LRE: Fuzzy.

DOC: Wow, that’s unusual for you… right, next… Your dream/goal?

LRE: Retirement.

DOC: Ha… The room you’re in?

LRE: Cubicle.

DOC: Your hobby?

LRE: Blogging.

DOC: Your fear?

LRE: Debt.

DOC: Where do you want to be in 6 years?

LRE: Yard.

DOC: What you’re not?

LRE: Morningperson.

DOC: Hey, just because you say two words REAL FAST doesn’t make them one word.

LRE: Next?

DOC: One of your wish-list items?

LRE: London.

DOC: Where were you last night?

LRE: Soccer.

DOC: Where you grew up?

LRE: Utah.

DOC: The last thing you did?

LRE: Email.

DOC: What are you wearing?

LRE: Underwear.

DOC: Your TV?

LRE: Beautiful.

DOC: Your pet?

LRE: Beautiful.

DOC: Your computer?

LRE: Multiple.

DOC: Your mood?

LRE: Hungry.

DOC: Missing someone?

LRE: Megs.

DOC: Your car?

LRE: Tank.

DOC: Something you’re not wearing?

LRE: Earrings.

DOC: Favorite store?

LRE: Albertson’s.

DOC: Your summer?

LRE: Short.

DOC: Love someone?

LRE: Family.

DOC: Your favorite color?

LRE: Blue.

DOC: When is the last time you laughed?

LRE: Today.

DOC: Last time you cried?

LRE: Yesterday.

DOC: Really? You? Why?

LRE: Next?

DOC: That’s it; I’m done. Why’d you cry?

LRE: I’m really hungry… time for lunch.

A Quirky Game of Tag


Hooray for Thursdays and another fabulous installment of Larrie’s weekly therapy with her imaginary Doc. For some blog readers, this is what they look forward to—it helps them make it to the weekend.

DOC: Welcome, please sit down.

LRE: So formal.

DOC: I’m trying a new thing.

LRE: What? Acting like a doctor?

DOC: Something along those lines.

LRE: Great; just so long as you’re still imaginary and therefore I still don’t have to pay you.

DOC: Right-o. I’ve got a list of questions to discuss.

LRE: Nah; that’s okay.

DOC: But… but, I put so much time into coming up with these.

LRE: Really?

DOC: Sure, why not?

LRE: K, save them for next week.

DOC: Why? Do you have another list of 100 random things all about YOU?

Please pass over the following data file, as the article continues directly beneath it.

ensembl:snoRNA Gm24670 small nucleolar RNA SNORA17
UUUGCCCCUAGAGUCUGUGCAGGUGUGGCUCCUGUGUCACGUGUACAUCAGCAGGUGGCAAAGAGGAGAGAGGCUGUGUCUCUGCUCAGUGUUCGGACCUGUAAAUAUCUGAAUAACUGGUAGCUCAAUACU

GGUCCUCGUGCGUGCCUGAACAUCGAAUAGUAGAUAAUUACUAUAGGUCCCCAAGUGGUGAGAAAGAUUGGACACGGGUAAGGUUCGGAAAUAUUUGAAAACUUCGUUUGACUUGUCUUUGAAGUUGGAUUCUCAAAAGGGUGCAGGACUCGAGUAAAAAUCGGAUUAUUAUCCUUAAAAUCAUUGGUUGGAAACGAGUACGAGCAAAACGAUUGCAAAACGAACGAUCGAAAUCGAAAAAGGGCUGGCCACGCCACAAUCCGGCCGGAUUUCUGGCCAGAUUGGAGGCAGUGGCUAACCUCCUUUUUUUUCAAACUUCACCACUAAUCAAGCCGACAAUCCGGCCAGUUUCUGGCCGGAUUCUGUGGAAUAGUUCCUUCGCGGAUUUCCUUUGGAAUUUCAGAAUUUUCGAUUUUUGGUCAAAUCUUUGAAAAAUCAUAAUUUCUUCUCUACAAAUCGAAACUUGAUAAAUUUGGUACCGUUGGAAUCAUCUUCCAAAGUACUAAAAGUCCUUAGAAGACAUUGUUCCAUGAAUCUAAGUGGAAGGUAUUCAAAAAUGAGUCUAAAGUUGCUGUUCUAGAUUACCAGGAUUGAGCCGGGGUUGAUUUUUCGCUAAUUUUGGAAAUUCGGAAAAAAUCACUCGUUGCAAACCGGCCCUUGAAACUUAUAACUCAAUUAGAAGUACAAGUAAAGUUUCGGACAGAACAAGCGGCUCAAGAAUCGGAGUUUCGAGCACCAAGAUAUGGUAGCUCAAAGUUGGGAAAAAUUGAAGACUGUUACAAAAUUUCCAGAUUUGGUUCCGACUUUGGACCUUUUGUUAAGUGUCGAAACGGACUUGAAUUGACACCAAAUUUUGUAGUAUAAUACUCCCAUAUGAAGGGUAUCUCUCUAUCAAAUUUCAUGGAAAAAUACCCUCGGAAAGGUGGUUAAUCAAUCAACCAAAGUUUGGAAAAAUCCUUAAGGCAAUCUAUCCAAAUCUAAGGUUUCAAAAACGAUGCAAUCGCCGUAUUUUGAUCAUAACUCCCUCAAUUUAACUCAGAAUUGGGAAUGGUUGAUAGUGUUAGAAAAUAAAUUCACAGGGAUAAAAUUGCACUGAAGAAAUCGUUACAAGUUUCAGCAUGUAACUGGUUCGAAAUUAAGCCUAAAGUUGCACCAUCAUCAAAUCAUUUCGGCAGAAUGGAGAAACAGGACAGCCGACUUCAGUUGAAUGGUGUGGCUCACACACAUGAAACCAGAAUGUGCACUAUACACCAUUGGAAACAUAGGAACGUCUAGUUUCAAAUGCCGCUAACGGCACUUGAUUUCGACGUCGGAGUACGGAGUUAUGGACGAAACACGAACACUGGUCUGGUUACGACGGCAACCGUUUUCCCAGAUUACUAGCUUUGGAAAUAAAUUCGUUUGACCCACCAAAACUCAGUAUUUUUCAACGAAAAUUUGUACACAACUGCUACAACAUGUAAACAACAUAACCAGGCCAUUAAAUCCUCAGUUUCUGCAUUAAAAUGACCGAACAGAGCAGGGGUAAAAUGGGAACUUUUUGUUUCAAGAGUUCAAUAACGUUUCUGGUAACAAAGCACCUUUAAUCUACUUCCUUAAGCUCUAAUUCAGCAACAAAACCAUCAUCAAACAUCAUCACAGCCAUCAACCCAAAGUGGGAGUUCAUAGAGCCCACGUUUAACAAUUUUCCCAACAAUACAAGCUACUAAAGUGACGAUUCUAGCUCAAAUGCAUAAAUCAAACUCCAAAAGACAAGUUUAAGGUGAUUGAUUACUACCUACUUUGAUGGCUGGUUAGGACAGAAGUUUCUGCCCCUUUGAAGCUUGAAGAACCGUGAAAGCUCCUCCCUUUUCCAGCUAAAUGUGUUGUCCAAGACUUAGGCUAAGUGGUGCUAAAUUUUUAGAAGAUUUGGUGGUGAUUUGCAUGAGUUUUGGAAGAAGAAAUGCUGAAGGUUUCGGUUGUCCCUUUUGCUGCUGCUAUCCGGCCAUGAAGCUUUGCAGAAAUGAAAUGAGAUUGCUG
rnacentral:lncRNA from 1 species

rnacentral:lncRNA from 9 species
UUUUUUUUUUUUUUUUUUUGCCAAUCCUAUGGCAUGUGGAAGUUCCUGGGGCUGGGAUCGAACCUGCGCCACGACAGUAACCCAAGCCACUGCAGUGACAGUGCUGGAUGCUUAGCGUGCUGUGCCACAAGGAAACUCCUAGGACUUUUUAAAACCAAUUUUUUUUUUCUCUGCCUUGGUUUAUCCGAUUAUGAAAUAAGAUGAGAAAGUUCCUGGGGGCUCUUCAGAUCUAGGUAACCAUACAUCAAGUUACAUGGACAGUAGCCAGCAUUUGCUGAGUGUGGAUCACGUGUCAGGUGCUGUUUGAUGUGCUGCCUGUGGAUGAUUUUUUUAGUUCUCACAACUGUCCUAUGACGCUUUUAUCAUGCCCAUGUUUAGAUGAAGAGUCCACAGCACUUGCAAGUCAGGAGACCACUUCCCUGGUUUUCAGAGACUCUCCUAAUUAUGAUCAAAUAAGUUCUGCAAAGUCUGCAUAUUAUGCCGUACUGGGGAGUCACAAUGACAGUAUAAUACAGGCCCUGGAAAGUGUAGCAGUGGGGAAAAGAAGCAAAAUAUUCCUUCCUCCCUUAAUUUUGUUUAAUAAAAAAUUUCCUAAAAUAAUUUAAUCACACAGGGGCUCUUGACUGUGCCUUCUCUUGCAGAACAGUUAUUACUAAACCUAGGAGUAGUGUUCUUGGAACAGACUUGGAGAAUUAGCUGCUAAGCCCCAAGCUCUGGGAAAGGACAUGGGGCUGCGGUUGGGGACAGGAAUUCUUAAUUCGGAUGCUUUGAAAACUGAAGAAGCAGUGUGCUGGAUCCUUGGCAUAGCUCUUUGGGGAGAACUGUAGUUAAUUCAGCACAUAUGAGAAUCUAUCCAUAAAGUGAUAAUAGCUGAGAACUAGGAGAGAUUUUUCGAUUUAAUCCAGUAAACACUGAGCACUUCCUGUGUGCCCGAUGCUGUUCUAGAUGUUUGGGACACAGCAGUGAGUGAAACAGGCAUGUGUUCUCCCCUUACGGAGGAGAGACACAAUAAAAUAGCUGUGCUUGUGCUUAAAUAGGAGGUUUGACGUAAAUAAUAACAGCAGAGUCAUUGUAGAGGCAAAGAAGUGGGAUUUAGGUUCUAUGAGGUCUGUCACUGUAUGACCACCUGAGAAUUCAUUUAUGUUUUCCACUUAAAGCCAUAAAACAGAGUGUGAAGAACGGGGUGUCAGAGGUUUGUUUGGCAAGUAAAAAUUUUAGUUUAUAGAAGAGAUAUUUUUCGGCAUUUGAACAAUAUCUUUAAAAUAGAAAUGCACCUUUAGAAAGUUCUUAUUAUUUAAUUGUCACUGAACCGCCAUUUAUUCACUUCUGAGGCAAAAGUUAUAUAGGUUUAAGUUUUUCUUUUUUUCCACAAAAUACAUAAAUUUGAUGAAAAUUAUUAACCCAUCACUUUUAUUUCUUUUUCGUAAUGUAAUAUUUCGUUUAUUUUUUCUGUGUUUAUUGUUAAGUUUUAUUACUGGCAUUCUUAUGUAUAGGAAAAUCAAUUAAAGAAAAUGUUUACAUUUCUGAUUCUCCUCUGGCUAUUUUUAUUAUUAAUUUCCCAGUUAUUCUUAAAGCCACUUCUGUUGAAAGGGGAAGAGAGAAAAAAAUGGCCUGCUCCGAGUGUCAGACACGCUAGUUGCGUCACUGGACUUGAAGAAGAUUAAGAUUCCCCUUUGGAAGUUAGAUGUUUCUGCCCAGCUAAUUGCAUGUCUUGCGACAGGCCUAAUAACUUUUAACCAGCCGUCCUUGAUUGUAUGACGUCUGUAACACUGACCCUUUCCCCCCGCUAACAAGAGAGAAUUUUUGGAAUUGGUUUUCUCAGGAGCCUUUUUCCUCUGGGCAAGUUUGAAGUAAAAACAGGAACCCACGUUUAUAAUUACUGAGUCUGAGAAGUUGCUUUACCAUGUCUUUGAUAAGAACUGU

LRE: No; that requires more effort than your list of questions.

DOC: Fine; what have ya got then?

LRE: I’ve been tagged.

DOC: You’ve… been… tagged…?

LRE: Yes; thanks for repeating it. Katie tagged me.

DOC: Kate did, huh? That still doesn’t explain what you’re talking about. Are you playing freeze tag?

LRE: Not exactly; it’s blog tag and I don’t think anybody crawls under your legs to unfreeze you in this game.

DOC: Blog tag, huh? So we’re expecting some of those hyperlink things where the text is underlined and blue?

LRE: Yes, a few.

DOC: All right, fine. Explain this blog tag then.

LRE: Right. Katie wrote the “rules” on her blog as she had received them from the person that tagged her.

DOC: Of course; you have to have clear rules. And what are they?

LRE: Let’s see… I link back to her (done), talk about the rules on my blog, tell six unspectacular quirks about me, tag six other bloggers and then leave comments on their blogs that I’ve tagged them.

DOC: Interesting rules. And these rules ask you to write YOUR rules about YOUR blog? YOU have rules?

LRE: Well, I wouldn’t exactly say that’s what it’s supposed to mean—talking about the rules on my blog and all—it really means that I need to explain the “tag rules” here on my blog, but I could briefly mention my daily posts as the “rules” for MY blog.

DOC: You mean—there’s more than JUST our Thursday appointments?

LRE: Hate to break it to ya, Doc, but you’re only one of usually six entries a week.

DOC: I’m crushed; I was under the impression that we were exclusive.

LRE: Ha—that would be silly.

DOC: Well, I’m afraid to ask out of jealousy, but what are the others?

LRE: Monday is my “freebie” day, Tuesday is the quote of the week, Wednesday is the cell phone pic of the week, you and I have our Thursdays, Friday is about work and Saturday I try and review a book.

DOC: You don’t sound very committed to Saturdays.

LRE: Yeah; Saturday doesn’t always give me enough attention so I’m not as committed, but there’s also lots of soccer now that it’s fall and I haven’t managed to sit down at a laptop when there’s running and scoring goals to be done.

DOC: Well, I suppose it’s good to know your rules.

LRE: Sure.

DOC: K, so what was next? Six unspectacular quirks about you?

LRE: Yeah.

DOC: Who chose to describe your quirks with unspectacular?… sort of an oxymoron there.

LRE: Almost. I can see your point, but my idiosyncrasies aren’t exactly spectacular—just odd.

DOC: All right; you list them and stop naming synonyms for quirk instead.